Taking out sashes

Filed Under: DIY Outdoor, Do it yourself, Home repair, Remodeling    by: ITC

By far the most serious possibility, however, is that eventually a sash cord will break and need replacing. When this happens you should replace all four, because if one goes the rest are sure to be near breaking-point. In any case the hardest part of the job is dismantling everything; fitting four new cords is very little more trouble than fitting one.

Begin by levering off the staff bead. Swing the lower sash inwards, tie a length of string to each sash cord just above the sash, and cut each cord below the knot, letting the weights down gradually to the bottom of their compartments. With the string now attached to the cord, there’s no danger of being unable to retrieve the weights from their pockets. Lift out the lower sash, remove the parting bead, pull down the upper sash and repeat the process. Lift that out too, and remove the old cord and fixing nails from each sash.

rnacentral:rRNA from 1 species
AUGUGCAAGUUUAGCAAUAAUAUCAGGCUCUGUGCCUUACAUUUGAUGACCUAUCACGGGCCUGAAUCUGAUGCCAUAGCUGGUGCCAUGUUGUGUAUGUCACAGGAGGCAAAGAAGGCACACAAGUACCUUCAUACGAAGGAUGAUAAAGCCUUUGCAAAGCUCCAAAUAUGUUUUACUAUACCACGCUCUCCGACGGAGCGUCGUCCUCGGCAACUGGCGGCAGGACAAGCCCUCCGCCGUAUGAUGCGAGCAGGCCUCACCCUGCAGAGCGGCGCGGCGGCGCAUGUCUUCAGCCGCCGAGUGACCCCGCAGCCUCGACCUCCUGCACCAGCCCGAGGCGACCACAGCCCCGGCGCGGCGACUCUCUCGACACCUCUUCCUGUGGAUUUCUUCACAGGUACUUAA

Now that you’ve got the sashes out, you can take the opportunity to do major surgery on them if necessary. Where a corner joint is rickety, dowels make a neater and more professional repair than a metal plate. You’ll need to cramp the sash firmly in place on a workbench first, both to hold it steady and to keep the joint tight while you drill the dowel holes. The joint will almost certainly be a mortise and tendon, so the best place to run strengthening dowels is sideways through the tendon, or perhaps lengthwise on either side of it.

If one of the sash members is cracked or rotten, it may be possible to remove the bad piece by sawing lengthwise, and to replace it with new timber — cut slightly too large, glued, nailed and finally planed off flush. For both these jobs, use urea-formaldehyde adhesive, which resists damp.

Sometimes a sash sticks in its channel because it has warped or swollen. In this case, removing a few shavings from the offending part with a plane may be the answer.

Use a blowlamp or chemical paint stripper to remove layers of old paint if it’s in bad condition. and then coat the timber with wood primer. Alternatively just sand the old paint- work down and spot-prime any bare patches. Then apply the rest of your paint system in the usual way.

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